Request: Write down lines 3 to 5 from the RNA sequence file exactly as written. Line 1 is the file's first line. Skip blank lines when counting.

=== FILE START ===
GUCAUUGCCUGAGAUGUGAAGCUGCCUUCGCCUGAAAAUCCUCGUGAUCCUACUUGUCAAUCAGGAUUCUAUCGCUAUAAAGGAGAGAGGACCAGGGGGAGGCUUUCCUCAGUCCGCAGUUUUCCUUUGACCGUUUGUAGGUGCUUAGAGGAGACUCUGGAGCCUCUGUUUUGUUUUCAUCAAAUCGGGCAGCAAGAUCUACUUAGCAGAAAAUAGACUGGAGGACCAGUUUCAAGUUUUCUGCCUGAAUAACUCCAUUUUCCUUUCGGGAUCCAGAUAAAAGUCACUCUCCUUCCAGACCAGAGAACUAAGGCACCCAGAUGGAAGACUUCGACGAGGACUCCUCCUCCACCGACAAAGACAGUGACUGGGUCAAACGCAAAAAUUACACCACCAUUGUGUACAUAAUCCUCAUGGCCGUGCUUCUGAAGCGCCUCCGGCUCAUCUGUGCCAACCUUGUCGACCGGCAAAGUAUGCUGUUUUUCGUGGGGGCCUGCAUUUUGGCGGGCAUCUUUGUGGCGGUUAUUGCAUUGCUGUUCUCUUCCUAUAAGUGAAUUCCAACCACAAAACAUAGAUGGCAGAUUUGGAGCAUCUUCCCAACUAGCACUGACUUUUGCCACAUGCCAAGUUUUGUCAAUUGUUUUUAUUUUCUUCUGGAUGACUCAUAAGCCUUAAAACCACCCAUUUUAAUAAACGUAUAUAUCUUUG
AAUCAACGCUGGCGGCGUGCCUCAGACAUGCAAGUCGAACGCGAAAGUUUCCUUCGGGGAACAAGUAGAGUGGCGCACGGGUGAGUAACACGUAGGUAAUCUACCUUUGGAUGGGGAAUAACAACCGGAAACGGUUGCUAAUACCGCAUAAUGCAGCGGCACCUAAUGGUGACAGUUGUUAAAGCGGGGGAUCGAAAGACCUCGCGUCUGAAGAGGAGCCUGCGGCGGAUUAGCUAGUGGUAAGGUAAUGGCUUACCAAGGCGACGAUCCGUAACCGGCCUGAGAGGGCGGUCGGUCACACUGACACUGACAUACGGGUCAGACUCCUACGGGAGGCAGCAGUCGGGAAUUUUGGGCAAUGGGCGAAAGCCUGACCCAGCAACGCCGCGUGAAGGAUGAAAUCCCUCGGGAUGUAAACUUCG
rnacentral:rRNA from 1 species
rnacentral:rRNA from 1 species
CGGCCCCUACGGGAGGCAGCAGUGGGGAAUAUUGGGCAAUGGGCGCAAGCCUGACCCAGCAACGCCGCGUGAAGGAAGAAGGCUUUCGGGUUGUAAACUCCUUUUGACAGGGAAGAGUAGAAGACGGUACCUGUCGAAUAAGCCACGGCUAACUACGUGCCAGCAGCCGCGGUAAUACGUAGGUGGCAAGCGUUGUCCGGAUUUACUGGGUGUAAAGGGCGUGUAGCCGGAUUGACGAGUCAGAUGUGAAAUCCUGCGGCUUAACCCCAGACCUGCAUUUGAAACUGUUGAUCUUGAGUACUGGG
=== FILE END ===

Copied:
rnacentral:rRNA from 1 species
rnacentral:rRNA from 1 species
CGGCCCCUACGGGAGGCAGCAGUGGGGAAUAUUGGGCAAUGGGCGCAAGCCUGACCCAGCAACGCCGCGUGAAGGAAGAAGGCUUUCGGGUUGUAAACUCCUUUUGACAGGGAAGAGUAGAAGACGGUACCUGUCGAAUAAGCCACGGCUAACUACGUGCCAGCAGCCGCGGUAAUACGUAGGUGGCAAGCGUUGUCCGGAUUUACUGGGUGUAAAGGGCGUGUAGCCGGAUUGACGAGUCAGAUGUGAAAUCCUGCGGCUUAACCCCAGACCUGCAUUUGAAACUGUUGAUCUUGAGUACUGGG